The Slovenian parliament on Thursday (2 April) approved measures worth about €3 billion, or 6% of GDP, to help companies and individuals overcome the coronavirus epidemic.
Slovenia, an Alpine state of 2 million people, has so far confirmed 897 cases and 16 people have died.
“This law is full of intervention decrees that no government of a socially- and market-oriented economy anywhere in the world would ever propose in a normal situation,” Prime Minister Janez Janša told parliament before Thursday’s vote.
“But now we live in a different world.”
Slovenia, which borders Italy, Austria, Hungary and Croatia, exports about 85% of its products, mostly to other EU states. Main exports include cars, car parts, pharmaceutical products and household appliances.
Under the new measures, the state will pay compensation and obligatory taxation for the national pension and health systems for businessmen and farmers hit by the virus, as well as to those who are temporarily laid off.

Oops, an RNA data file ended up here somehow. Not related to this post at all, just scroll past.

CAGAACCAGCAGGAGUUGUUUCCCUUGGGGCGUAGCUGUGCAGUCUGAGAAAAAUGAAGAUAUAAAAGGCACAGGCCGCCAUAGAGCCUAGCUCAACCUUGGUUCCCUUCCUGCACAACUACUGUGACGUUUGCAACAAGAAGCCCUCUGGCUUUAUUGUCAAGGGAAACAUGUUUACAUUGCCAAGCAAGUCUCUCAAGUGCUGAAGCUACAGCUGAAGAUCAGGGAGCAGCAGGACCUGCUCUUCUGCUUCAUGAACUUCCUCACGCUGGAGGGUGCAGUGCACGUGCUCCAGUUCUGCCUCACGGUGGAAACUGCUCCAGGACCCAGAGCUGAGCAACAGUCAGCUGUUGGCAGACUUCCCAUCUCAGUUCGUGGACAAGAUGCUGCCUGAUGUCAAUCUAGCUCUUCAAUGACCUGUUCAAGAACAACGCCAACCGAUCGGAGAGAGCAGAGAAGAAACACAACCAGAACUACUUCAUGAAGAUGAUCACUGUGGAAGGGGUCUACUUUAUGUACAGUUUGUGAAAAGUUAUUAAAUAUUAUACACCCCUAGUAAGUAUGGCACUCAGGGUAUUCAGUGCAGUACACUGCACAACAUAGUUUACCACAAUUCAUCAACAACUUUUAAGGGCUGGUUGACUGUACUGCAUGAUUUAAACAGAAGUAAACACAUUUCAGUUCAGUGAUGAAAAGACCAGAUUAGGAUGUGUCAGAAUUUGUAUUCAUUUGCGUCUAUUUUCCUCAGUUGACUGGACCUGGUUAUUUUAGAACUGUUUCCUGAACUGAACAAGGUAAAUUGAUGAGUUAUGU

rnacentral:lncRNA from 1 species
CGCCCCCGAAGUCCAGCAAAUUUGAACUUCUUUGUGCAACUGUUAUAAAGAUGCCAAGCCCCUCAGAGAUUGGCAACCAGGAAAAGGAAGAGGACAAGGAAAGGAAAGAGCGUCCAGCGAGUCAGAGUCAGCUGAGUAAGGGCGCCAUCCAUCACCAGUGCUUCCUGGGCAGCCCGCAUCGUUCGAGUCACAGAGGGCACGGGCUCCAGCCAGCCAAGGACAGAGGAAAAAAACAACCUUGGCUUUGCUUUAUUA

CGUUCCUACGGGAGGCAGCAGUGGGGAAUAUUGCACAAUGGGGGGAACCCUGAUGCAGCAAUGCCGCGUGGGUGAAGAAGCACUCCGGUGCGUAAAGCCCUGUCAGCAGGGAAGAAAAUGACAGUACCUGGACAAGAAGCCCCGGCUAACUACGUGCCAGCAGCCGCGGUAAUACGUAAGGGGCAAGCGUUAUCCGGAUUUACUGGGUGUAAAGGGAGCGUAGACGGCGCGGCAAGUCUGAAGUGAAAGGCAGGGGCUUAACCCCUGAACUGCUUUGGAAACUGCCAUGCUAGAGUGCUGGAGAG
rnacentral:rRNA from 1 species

It will also enable businesses to postpone tax payments. It will increase wages of those who work in difficult conditions, like doctors and nurses, and reduce wages of government officials by 30% for as long as the epidemic lasts.
One-off financial help will be given to students, large families and pensioners whose monthly pension is lower than €700.
Jansa said the government was preparing further measures to ensure liquidity for companies whose business has been hurt.
Since the middle of March, Slovenia has closed all schools, bars, restaurants, hotels, shops, apart from food and drug stores, sports centres and cultural institutions and cancelled all public transport, including air traffic.
It has prohibited any socialising in public areas. Since the start of this week, people are no longer allowed to leave their municipality, except to go to work or to visit a doctor, or for some other emergency.
Several companies had to suspend production due to a lack of production parts or to reduce the spread of the virus. Among them were some of the largest exporters, like car maker Revoz, a unit of France’s Renault, and household appliance maker Gorenje, a unit of China’s Hisense.
The Bank of Slovenia said on Tuesday the economy could shrink by 6% to 16% this year, depending on the length of the epidemic, adding the announced measures could cushion the fall. Last year, GDP growth reached 2.4%.